WICHITA, Kan. (KSNW) – The upcoming closing of a Save A Lot in northeast Wichita has brought attention to the issue of food deserts in Wichita.
A Food System Master Plan, which launched in 2019, is now in its final stages. The goal of the plan is to lay out the community’s vision for growth in the food system.
“I know that the Health & Wellness Coalition of Wichita and the food policy committee’s hope would be that both entities, the city and the county, would pass the master plan, and then work towards a publicly appointed food policy council,” said Becky Tuttle, District II council member.
A food policy council would allow Wichita’s community to share their thoughts and opinions about the Food System Master Plan. The plan can ‘increase access to healthy, nutritious foods for all.’
One of the ways it can do that, specifically for those in the food desert in northeast Wichita, is through transportation.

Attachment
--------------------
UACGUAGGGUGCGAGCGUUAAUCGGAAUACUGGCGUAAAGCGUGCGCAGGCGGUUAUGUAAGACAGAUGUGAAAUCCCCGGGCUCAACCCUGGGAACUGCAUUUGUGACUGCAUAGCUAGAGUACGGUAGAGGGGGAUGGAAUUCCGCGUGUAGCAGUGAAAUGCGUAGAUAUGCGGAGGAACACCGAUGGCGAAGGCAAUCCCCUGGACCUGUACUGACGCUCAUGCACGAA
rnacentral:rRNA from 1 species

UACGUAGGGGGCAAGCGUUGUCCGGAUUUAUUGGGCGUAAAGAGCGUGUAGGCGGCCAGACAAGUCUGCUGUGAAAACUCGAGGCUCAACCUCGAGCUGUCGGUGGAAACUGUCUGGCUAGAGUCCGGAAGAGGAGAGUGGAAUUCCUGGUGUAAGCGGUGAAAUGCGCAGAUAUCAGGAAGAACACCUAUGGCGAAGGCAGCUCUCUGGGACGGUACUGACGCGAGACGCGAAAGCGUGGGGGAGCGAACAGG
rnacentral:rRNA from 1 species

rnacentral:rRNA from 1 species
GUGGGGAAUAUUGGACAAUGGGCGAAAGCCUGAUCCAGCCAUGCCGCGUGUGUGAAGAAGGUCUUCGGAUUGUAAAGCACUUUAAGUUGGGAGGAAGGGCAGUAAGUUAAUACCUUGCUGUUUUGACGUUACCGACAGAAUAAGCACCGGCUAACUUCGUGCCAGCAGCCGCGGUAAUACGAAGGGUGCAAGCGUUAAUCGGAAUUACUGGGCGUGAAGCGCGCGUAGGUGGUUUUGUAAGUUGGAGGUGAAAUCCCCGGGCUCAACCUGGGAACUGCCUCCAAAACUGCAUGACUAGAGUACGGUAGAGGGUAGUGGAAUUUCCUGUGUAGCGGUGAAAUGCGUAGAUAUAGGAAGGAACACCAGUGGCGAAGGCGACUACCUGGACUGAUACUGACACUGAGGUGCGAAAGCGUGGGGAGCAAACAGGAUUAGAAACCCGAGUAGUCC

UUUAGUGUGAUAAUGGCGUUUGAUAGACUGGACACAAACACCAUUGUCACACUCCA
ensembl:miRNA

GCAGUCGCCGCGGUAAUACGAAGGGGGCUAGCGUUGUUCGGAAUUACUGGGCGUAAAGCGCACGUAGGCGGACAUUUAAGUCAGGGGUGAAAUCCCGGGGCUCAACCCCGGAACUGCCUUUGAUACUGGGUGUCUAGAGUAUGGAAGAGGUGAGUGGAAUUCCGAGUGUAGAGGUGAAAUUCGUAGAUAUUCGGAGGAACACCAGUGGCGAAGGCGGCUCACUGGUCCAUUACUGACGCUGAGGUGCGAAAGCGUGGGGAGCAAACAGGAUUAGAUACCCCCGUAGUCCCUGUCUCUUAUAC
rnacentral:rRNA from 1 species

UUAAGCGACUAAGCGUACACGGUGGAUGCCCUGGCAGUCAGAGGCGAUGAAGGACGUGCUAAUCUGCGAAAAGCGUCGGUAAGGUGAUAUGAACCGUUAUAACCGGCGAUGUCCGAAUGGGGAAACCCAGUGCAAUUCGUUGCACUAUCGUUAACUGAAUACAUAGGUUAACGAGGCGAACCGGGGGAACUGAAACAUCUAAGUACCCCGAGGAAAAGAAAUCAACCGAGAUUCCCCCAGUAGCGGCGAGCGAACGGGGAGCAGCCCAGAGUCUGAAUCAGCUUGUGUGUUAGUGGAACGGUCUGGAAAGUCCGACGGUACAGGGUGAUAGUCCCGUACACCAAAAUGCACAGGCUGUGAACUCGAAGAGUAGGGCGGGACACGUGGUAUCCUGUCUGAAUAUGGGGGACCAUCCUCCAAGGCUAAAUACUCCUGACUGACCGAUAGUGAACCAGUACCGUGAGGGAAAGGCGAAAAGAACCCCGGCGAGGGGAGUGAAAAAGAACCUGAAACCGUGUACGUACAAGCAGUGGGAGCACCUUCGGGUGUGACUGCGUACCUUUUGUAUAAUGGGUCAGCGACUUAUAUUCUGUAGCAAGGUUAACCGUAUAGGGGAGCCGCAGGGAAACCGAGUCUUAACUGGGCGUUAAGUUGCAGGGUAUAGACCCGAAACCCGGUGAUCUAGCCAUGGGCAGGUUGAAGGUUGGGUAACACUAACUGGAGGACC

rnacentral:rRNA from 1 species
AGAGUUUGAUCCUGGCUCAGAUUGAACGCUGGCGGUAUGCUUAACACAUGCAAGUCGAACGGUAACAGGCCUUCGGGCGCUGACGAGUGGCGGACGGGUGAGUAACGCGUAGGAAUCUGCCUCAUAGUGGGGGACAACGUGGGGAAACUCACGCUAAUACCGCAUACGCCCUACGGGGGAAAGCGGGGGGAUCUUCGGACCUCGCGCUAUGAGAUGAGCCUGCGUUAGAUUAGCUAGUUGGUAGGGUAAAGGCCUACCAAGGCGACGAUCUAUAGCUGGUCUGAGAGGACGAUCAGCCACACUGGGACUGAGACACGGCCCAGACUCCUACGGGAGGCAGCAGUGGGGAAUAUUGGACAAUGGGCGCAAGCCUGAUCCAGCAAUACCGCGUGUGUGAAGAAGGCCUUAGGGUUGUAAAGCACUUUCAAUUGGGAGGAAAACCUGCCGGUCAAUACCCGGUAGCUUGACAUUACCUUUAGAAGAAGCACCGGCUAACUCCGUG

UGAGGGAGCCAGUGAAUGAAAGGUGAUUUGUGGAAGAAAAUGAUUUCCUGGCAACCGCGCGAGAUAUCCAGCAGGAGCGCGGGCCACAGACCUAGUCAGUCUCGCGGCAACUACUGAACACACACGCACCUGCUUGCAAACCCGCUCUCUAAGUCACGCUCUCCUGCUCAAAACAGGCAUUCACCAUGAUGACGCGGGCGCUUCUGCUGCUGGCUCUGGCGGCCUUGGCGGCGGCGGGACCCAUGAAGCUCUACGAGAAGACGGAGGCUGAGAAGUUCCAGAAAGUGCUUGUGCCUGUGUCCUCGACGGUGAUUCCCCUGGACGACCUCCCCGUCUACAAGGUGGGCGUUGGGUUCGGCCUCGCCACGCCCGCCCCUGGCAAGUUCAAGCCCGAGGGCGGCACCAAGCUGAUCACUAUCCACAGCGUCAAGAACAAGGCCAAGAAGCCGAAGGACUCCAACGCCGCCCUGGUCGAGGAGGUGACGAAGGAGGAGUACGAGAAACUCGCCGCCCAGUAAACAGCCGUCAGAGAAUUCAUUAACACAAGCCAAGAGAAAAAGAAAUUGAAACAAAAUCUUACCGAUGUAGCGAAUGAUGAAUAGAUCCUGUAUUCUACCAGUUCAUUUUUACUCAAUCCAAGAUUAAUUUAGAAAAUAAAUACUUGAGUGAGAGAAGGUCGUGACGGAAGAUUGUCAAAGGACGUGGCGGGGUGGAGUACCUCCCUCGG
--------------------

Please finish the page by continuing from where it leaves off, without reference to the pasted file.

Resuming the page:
“We can look at a transit system, and is there a way that we can help people get to other sources of food, we can look at bikes, bicycling and walking options for people to have safe and reliable forms of transportation,” said Tuttle.
According to a report from the Health and Wellness Coalition of Wichita, food in Wichita consists of over a one billion dollar industry, and only a small portion of that is sourced locally.
“I think it’s .4% for vegetables .2% for fruit, and it goes down further when you get into meat and poultry and eggs,” said Tuttle. “And so, if we could get a goal of just 5% of the food that is consumed in Wichita, to be grown and sourced locally, that’s $80 million a year.”
The potential amount of money that could be made from food that is grown and sourced locally would be circulated back into our local economy.